Sink pipe leaks.

The kitchen sink pipe drips a drop per hour. We'd called the plumber
over and he replaced the sink funnel and drain pipe. It still drips.
I noticed he put some gasket glue. But it appears to be leaking at
the same area which is at the neck of the funnel (right below the
bottom of the sink.) What could I do to solve this problem without
calling the plumber.
Reply to : Sam Nickaby
I am not totally sure what the problem is, but off hand it does sound like the plumber did not find the real problem or he did not fix it. Give him a call. Tell him what is going on. Assuming he did not say something like "The work I did should fix it, but you really need to ......" and you did not do as he suggested, he may offer to come out and make his work good without charging. If he does, then make sure you keep his name and phone number handy for yourself and anyone who may ask you if you know a good plumber. He he does not want to cut you a deal, then, assuming there is nothing about this you did not tell us, then consider the cost a learning experience and start asking around for the name of a good plumber.
From your description, it may be the sink itself or a problem with one of the fittings of the U shaped pipe. That may be fixable by tightening the large nuts or replacing the washers and re-installing
You might want to stop by your local hardware store and pick up one of their DIY books for the homeowner. This kind of thing is difficult to explain without photos.
Reply to
Joseph Meehan
sink funnel = sink strainer ?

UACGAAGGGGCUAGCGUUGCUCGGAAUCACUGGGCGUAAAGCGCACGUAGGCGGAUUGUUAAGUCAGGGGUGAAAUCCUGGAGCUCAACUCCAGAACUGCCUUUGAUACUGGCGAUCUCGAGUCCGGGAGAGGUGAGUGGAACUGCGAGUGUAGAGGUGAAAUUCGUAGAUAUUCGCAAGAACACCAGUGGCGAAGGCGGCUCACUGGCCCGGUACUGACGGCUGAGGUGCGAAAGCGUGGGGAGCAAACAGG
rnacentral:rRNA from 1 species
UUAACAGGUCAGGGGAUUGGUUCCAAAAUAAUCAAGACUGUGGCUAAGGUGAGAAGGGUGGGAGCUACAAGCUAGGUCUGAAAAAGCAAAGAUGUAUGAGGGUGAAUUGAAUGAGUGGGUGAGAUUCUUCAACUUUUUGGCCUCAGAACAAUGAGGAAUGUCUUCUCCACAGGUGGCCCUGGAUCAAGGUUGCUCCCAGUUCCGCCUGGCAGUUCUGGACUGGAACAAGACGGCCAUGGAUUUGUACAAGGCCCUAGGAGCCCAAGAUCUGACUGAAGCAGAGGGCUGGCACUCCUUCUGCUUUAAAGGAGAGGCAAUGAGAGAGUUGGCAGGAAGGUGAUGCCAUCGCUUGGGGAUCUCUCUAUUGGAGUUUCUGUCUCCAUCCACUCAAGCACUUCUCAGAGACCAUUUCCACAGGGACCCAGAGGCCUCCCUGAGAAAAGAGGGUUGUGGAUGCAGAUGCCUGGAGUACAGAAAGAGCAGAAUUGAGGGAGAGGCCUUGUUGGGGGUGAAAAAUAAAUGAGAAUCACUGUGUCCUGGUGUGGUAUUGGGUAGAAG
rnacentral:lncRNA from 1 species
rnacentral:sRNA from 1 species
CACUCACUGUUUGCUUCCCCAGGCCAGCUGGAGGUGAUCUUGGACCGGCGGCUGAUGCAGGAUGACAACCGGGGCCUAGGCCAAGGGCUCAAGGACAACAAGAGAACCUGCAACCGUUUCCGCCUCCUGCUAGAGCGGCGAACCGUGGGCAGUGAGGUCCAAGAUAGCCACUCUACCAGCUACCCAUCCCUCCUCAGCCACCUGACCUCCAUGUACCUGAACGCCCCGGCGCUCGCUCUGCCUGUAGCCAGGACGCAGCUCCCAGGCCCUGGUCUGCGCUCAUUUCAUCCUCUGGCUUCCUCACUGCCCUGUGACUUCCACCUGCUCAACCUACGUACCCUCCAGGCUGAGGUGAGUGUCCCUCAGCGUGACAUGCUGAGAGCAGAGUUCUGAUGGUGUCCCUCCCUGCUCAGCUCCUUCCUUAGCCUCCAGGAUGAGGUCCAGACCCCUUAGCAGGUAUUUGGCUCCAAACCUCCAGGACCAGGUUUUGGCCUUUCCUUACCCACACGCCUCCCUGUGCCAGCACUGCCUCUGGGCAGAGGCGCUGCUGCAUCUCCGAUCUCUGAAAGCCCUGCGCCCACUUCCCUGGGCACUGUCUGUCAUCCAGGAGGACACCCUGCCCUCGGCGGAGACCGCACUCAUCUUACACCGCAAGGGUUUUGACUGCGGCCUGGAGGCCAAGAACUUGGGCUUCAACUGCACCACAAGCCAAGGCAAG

he might not have tightened it enough. Try to tighten it. He should have used plumbers putty to make the seal with the bottom of sink. It is like play-dough kinda. This is an easy repair unless your sink is rotted. This is grounds for a free call back with me. I would not dream of charging you for this and would be very apologetic.
Reply to
Ned Flanders
"Ned Flanders" wrote
[Repeating this post to:]
Hi, The leak is from the bottom part of sink strainer that goes into a compression coupling on the "drain pipe," after a closer examination. This (compression coupling) is very tight as it can't be hand twisted any further. I may wiggle the drain pipe (with my pinky) while someone is washing dishes and it will begin to drip faster. The strainer appears correctly installed with the "play doe" formula. The leak is coming from the compression coupling, as you call it, and I can collect half a cup while washing dishes. If I put silicone caulk then I might run into trouble the next time I remove the pipe. If silicone caulk is a good idea, I might try silicone caulk. Or ask the plumber to come back, if it's not out of line.
Reply to : Sam Nickaby
Sounds like he screwed up. Try to take the nut off then put it back on. he might have cross threaded it or forgot to put washer in there.
Reply to
Ned Flanders
I thought I had the same problem at the compression joint. I was *wrong*
Turns out that the drop tube (connected to the drain with threads and then you connect the p trap to it) has threads that screw into the drain (threads on the top of this pipe). Those threads needed a turn of teflon tape and the dripping went away. the leak was so subtle that I too thought that the leak was coming from the ptrap fittings.
Reply to
This is a kitchen sink. The strainer usually has no threaded adapter, it uses a plastic washer different than a desanco washer. I have not seen a kitchen sink strainer that you thread the tailpiece into.
Reply to
Ned Flanders
A few times I've seen a 1-1/2" female adapter screwed onto the threads of a basket strainer.
Reply to
Mark Monson
How about a tailpiece that threads into it? I never have seen one.
do you ever do that to your tub drain in place of the desanco? (1 1/2 PVC female adapter)
Reply to
Ned Flanders

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